Reasons for reduced learning motivation in students with attention deficit hyperactivity disorder



The article discusses the study of the relationship of ADHD in children and adults with their learning motivation at the neurological and behavioral levels. On the basis of the results of research presented in modern foreign literature, two categories of reasons for the decline in learning motivation among students with ADHD are identified: external and internal. The purpose of this article is to emphasize that the system of motivation in patients with ADHD has deeper impairments than is commonly believed due to neurological disorders of the brain, as well as complex social problems, and present these results as an explanation of motivational and educational problems faced by students with ADHD. The article also presents possible directions for coordinating the reasons for the decline in academic motivation in ADHD and psychological theories of its formation (SDT, AGT and SCT). The possibilities of applying these theories for psychological and pedagogical solutions to the problems of motivation among students with ADHD are shown. The results of the analysis of the reviewed scientific papers indicate the need for a comprehensive account of the factors that reduce motivation in developing a system of recommendations for students with ADHD – for organizing their learning environment and planning the individual trajectory of their development.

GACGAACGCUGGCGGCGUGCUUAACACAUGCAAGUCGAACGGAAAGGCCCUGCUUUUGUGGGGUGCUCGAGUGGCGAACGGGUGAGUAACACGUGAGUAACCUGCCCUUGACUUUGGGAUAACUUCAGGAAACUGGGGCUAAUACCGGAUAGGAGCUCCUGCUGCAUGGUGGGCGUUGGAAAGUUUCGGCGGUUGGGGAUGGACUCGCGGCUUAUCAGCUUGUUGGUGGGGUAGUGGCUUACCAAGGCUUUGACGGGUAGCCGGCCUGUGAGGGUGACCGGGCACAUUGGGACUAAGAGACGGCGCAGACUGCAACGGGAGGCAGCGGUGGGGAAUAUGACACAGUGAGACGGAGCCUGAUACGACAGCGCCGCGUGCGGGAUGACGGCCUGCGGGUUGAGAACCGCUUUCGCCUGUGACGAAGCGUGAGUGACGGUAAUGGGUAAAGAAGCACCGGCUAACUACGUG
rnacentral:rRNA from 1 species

General Information

Keywords: training motivation, attention deficit hyperactivity disorder, ADHD, ADD, motivation disorders in ADHD, behavior, training, educational success, control functions, prefrontal cortex, dopamine

Journal rubric: Clinical Psychology

Article type: review article


For citation: Katunova V.V. Reasons for reduced learning motivation in students with attention deficit hyperactivity disorder [Elektronnyi resurs]. Sovremennaia zarubezhnaia psikhologiia = Journal of Modern Foreign Psychology, 2019. Vol. 8, no. 3, pp. 7–15. DOI: 10.17759/jmfp.2019080301. (In Russ., аbstr. in Engl.)


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Information About the Authors

Valeriya V. Katunova, PhD in Biology, Associate Professor, Associate Professor of the Department of General and Clinical Psychology, Privolzhsky Research Medical University (FSBEI HE PRMU) MOH Russia, Nizhniy Novgorod, Russia, e-mail:



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